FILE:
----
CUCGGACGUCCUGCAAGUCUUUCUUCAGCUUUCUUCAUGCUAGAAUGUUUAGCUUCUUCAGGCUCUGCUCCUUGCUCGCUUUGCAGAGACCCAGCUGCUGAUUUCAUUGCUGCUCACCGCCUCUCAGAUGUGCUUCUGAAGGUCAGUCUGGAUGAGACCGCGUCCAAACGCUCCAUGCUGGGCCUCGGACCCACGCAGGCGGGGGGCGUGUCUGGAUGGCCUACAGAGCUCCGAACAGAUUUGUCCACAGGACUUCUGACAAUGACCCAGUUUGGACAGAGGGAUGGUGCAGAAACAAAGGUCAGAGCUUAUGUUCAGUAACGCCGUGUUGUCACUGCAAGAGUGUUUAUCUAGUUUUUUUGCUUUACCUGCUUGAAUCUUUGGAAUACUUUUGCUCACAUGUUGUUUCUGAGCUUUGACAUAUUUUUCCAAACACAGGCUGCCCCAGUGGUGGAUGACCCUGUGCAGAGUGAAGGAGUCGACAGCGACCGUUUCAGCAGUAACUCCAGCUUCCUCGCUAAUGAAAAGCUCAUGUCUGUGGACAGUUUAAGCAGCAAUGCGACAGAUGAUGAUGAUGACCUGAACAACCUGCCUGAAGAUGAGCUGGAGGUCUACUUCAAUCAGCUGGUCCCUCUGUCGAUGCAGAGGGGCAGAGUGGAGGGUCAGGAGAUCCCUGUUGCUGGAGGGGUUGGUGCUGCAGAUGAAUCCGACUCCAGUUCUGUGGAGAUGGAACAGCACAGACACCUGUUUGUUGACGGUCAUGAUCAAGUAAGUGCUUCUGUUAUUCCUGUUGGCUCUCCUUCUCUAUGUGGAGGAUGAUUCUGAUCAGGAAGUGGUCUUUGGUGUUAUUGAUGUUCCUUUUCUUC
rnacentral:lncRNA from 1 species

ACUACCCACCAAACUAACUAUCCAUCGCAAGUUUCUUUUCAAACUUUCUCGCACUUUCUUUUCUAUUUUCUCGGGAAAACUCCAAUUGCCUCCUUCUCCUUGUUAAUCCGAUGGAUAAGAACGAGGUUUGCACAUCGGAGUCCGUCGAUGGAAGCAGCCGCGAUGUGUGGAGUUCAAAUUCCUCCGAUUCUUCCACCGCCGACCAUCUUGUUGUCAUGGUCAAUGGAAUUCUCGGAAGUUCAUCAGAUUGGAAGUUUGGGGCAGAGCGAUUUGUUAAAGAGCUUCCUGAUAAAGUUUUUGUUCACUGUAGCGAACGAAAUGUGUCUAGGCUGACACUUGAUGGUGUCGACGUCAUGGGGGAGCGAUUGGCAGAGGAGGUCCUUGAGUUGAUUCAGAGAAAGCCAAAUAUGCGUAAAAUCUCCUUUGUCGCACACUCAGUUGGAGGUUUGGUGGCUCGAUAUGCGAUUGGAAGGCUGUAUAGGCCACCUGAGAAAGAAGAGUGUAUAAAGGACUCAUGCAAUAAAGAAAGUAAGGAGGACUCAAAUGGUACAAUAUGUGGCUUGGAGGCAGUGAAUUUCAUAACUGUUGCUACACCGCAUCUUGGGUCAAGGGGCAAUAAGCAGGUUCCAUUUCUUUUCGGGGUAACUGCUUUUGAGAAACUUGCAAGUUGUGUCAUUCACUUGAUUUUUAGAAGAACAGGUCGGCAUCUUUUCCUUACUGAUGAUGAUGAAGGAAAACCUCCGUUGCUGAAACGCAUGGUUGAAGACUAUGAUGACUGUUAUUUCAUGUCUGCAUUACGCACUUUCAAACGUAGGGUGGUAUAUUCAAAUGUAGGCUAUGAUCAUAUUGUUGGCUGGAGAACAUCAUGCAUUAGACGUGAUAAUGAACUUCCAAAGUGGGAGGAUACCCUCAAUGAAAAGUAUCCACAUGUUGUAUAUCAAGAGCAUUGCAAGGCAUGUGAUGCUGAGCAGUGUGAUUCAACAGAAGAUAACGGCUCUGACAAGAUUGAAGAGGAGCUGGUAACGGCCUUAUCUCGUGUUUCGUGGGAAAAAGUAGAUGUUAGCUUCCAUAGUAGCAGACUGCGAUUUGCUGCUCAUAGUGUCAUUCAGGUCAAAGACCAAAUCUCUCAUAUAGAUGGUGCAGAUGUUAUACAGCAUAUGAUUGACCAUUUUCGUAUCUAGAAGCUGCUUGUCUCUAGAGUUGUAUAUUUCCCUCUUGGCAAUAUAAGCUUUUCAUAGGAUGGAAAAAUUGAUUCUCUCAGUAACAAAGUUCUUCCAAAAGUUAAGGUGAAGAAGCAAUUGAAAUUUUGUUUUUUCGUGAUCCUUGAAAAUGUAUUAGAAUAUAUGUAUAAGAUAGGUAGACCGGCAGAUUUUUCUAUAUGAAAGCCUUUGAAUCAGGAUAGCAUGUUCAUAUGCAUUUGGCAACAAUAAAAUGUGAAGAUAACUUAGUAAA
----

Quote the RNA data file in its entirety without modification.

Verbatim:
CUCGGACGUCCUGCAAGUCUUUCUUCAGCUUUCUUCAUGCUAGAAUGUUUAGCUUCUUCAGGCUCUGCUCCUUGCUCGCUUUGCAGAGACCCAGCUGCUGAUUUCAUUGCUGCUCACCGCCUCUCAGAUGUGCUUCUGAAGGUCAGUCUGGAUGAGACCGCGUCCAAACGCUCCAUGCUGGGCCUCGGACCCACGCAGGCGGGGGGCGUGUCUGGAUGGCCUACAGAGCUCCGAACAGAUUUGUCCACAGGACUUCUGACAAUGACCCAGUUUGGACAGAGGGAUGGUGCAGAAACAAAGGUCAGAGCUUAUGUUCAGUAACGCCGUGUUGUCACUGCAAGAGUGUUUAUCUAGUUUUUUUGCUUUACCUGCUUGAAUCUUUGGAAUACUUUUGCUCACAUGUUGUUUCUGAGCUUUGACAUAUUUUUCCAAACACAGGCUGCCCCAGUGGUGGAUGACCCUGUGCAGAGUGAAGGAGUCGACAGCGACCGUUUCAGCAGUAACUCCAGCUUCCUCGCUAAUGAAAAGCUCAUGUCUGUGGACAGUUUAAGCAGCAAUGCGACAGAUGAUGAUGAUGACCUGAACAACCUGCCUGAAGAUGAGCUGGAGGUCUACUUCAAUCAGCUGGUCCCUCUGUCGAUGCAGAGGGGCAGAGUGGAGGGUCAGGAGAUCCCUGUUGCUGGAGGGGUUGGUGCUGCAGAUGAAUCCGACUCCAGUUCUGUGGAGAUGGAACAGCACAGACACCUGUUUGUUGACGGUCAUGAUCAAGUAAGUGCUUCUGUUAUUCCUGUUGGCUCUCCUUCUCUAUGUGGAGGAUGAUUCUGAUCAGGAAGUGGUCUUUGGUGUUAUUGAUGUUCCUUUUCUUC
rnacentral:lncRNA from 1 species

ACUACCCACCAAACUAACUAUCCAUCGCAAGUUUCUUUUCAAACUUUCUCGCACUUUCUUUUCUAUUUUCUCGGGAAAACUCCAAUUGCCUCCUUCUCCUUGUUAAUCCGAUGGAUAAGAACGAGGUUUGCACAUCGGAGUCCGUCGAUGGAAGCAGCCGCGAUGUGUGGAGUUCAAAUUCCUCCGAUUCUUCCACCGCCGACCAUCUUGUUGUCAUGGUCAAUGGAAUUCUCGGAAGUUCAUCAGAUUGGAAGUUUGGGGCAGAGCGAUUUGUUAAAGAGCUUCCUGAUAAAGUUUUUGUUCACUGUAGCGAACGAAAUGUGUCUAGGCUGACACUUGAUGGUGUCGACGUCAUGGGGGAGCGAUUGGCAGAGGAGGUCCUUGAGUUGAUUCAGAGAAAGCCAAAUAUGCGUAAAAUCUCCUUUGUCGCACACUCAGUUGGAGGUUUGGUGGCUCGAUAUGCGAUUGGAAGGCUGUAUAGGCCACCUGAGAAAGAAGAGUGUAUAAAGGACUCAUGCAAUAAAGAAAGUAAGGAGGACUCAAAUGGUACAAUAUGUGGCUUGGAGGCAGUGAAUUUCAUAACUGUUGCUACACCGCAUCUUGGGUCAAGGGGCAAUAAGCAGGUUCCAUUUCUUUUCGGGGUAACUGCUUUUGAGAAACUUGCAAGUUGUGUCAUUCACUUGAUUUUUAGAAGAACAGGUCGGCAUCUUUUCCUUACUGAUGAUGAUGAAGGAAAACCUCCGUUGCUGAAACGCAUGGUUGAAGACUAUGAUGACUGUUAUUUCAUGUCUGCAUUACGCACUUUCAAACGUAGGGUGGUAUAUUCAAAUGUAGGCUAUGAUCAUAUUGUUGGCUGGAGAACAUCAUGCAUUAGACGUGAUAAUGAACUUCCAAAGUGGGAGGAUACCCUCAAUGAAAAGUAUCCACAUGUUGUAUAUCAAGAGCAUUGCAAGGCAUGUGAUGCUGAGCAGUGUGAUUCAACAGAAGAUAACGGCUCUGACAAGAUUGAAGAGGAGCUGGUAACGGCCUUAUCUCGUGUUUCGUGGGAAAAAGUAGAUGUUAGCUUCCAUAGUAGCAGACUGCGAUUUGCUGCUCAUAGUGUCAUUCAGGUCAAAGACCAAAUCUCUCAUAUAGAUGGUGCAGAUGUUAUACAGCAUAUGAUUGACCAUUUUCGUAUCUAGAAGCUGCUUGUCUCUAGAGUUGUAUAUUUCCCUCUUGGCAAUAUAAGCUUUUCAUAGGAUGGAAAAAUUGAUUCUCUCAGUAACAAAGUUCUUCCAAAAGUUAAGGUGAAGAAGCAAUUGAAAUUUUGUUUUUUCGUGAUCCUUGAAAAUGUAUUAGAAUAUAUGUAUAAGAUAGGUAGACCGGCAGAUUUUUCUAUAUGAAAGCCUUUGAAUCAGGAUAGCAUGUUCAUAUGCAUUUGGCAACAAUAAAAUGUGAAGAUAACUUAGUAAA